SAR’s Academic Freedom Monitoring Project investigates and reports attacks on higher education with the aim of raising awareness, generating advocacy, and increasing protection for scholars, students, and academic communities. Learn more.

Date of Incident: May 26, 2023

Attack Types: Prosecution


Region & Country:Southeastern Asia | Thailand

New or Ongoing:New Incident

On May 26, 2023, Gulf Energy, a Thai energy development company, brought a defamation suit against financial academic Sarinee Achavanuntakul after Achavanuntakul posted a message on Facebook alleging that the company may have fraudulently won an independent power producer bid.

Achavanuntakel – a former investment banker who has produced papers on capital markets, microfinance, and sustainability – posted a Facebook message on April 19 about rising electricity costs and corporate monopolies over power. The post was based on her research and included excerpts from an article that she wrote and published on The Momentum, a Thai media outlet. A few weeks later, Gulf Energy responded by suing her, and she was charged with criminal defamation – she received respective summonses in the two actions on May 26 and 27. In the civil action, Gulf Energy demanded 100 million Baht (approximately $2,749,746) in damages.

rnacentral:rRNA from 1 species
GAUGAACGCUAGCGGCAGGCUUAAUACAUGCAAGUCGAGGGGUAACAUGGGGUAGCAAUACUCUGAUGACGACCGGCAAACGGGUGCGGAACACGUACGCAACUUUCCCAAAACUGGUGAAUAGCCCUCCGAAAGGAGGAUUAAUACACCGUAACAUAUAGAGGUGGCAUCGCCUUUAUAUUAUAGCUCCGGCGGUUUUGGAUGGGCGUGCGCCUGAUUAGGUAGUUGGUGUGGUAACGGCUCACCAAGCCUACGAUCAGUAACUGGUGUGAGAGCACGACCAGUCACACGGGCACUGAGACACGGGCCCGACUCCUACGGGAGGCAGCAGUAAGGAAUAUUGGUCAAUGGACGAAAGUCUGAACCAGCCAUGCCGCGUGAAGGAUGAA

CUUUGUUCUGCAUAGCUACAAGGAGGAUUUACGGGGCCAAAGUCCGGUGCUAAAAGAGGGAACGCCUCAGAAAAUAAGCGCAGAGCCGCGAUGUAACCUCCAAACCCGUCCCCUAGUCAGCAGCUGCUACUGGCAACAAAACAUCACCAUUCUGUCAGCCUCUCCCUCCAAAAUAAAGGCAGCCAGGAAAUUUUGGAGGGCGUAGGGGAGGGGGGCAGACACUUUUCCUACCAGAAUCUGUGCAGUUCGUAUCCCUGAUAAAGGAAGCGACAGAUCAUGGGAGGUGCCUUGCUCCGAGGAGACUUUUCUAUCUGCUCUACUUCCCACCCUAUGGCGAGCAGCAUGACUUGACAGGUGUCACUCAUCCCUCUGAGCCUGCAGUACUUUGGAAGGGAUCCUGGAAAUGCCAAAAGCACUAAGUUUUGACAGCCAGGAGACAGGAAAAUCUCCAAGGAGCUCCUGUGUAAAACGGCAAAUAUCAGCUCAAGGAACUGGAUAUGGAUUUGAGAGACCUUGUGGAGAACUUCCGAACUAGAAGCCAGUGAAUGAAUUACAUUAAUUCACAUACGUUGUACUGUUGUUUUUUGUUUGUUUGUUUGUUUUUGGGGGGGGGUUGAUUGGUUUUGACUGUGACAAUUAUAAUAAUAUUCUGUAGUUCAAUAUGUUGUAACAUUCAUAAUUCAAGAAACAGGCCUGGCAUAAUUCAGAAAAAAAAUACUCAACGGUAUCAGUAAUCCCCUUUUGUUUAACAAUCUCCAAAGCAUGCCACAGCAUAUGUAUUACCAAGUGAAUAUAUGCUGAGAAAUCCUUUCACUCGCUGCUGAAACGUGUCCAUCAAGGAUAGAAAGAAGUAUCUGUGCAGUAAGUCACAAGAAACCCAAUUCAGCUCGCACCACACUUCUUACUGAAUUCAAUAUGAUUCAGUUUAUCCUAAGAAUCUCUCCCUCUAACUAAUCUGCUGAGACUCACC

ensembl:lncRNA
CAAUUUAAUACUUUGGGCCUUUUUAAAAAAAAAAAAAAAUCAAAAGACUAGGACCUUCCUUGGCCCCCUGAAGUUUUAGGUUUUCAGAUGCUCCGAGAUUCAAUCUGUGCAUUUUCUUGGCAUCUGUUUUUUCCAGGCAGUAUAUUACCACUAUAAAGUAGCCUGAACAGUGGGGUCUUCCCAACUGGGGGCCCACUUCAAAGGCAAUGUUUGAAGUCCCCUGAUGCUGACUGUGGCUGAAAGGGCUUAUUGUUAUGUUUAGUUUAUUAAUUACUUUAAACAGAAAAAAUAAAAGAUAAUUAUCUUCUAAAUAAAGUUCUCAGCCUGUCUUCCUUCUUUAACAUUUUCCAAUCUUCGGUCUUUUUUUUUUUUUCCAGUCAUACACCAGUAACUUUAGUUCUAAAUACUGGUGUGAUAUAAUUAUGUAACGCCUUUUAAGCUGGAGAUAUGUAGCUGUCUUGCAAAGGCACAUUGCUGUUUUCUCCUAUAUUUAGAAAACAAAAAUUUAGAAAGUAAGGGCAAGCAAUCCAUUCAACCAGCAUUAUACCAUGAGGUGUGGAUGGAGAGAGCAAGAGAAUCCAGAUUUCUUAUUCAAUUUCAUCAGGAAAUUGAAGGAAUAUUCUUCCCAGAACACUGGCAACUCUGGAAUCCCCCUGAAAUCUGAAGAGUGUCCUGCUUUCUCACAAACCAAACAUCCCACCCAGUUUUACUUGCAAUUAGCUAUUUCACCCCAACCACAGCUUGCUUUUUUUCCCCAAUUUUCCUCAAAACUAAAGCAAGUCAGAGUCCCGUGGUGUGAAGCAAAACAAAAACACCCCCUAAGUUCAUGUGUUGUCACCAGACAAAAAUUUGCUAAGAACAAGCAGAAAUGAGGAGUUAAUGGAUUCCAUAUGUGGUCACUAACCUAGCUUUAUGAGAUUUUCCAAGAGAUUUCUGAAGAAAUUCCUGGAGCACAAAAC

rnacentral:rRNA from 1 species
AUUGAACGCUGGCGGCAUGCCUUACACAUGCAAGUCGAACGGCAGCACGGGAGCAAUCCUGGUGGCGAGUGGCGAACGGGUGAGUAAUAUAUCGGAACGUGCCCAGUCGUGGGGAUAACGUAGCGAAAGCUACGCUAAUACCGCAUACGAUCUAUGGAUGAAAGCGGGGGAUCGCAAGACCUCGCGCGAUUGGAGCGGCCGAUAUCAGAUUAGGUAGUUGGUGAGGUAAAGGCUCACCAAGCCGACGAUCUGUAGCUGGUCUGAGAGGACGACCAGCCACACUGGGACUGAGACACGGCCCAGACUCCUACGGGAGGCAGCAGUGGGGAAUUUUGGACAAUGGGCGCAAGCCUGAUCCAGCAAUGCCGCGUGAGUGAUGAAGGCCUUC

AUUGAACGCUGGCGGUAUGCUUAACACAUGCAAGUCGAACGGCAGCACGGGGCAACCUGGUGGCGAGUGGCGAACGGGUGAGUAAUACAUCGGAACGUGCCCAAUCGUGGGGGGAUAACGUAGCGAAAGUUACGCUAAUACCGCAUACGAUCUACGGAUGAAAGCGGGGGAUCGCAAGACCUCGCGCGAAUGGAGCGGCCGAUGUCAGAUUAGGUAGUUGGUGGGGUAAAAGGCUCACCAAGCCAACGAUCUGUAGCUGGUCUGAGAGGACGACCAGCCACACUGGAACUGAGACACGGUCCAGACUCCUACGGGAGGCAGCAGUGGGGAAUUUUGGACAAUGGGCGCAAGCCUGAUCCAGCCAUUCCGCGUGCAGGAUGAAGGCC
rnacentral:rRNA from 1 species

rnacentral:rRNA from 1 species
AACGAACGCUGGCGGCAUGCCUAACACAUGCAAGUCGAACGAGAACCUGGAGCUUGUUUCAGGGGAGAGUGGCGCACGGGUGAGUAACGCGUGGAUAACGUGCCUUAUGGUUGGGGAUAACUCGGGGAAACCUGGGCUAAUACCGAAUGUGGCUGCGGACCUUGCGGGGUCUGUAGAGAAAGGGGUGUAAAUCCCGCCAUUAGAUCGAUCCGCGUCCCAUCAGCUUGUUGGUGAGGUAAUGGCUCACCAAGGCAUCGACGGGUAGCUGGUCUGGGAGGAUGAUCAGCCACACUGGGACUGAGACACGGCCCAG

Both parties later reached a compromise, and both the civil and criminal lawsuits were withdrawn.

Scholars at Risk is concerned about private civil legal actions, as well as criminal prosecutions, aimed at retaliating against responsible, nonviolent academic activity — conduct that is expressly protected under international human rights instruments, including the Universal Declaration of Human Rights and the International Covenant on Civil and Political Rights, to which Thailand is a signatory. Even where such civil actions are unsuccessful, their impact can be financially and professionally devastating for their targets, and can chill academic expression across an entire sector. State authorities should thus take measures to prevent such actions. Likewise, prosecutions aimed at criminalizing nonviolent academic activity undermine the rights to academic freedom and freedom of expression. Such civil and criminal actions undermine academic freedom and democratic society generally.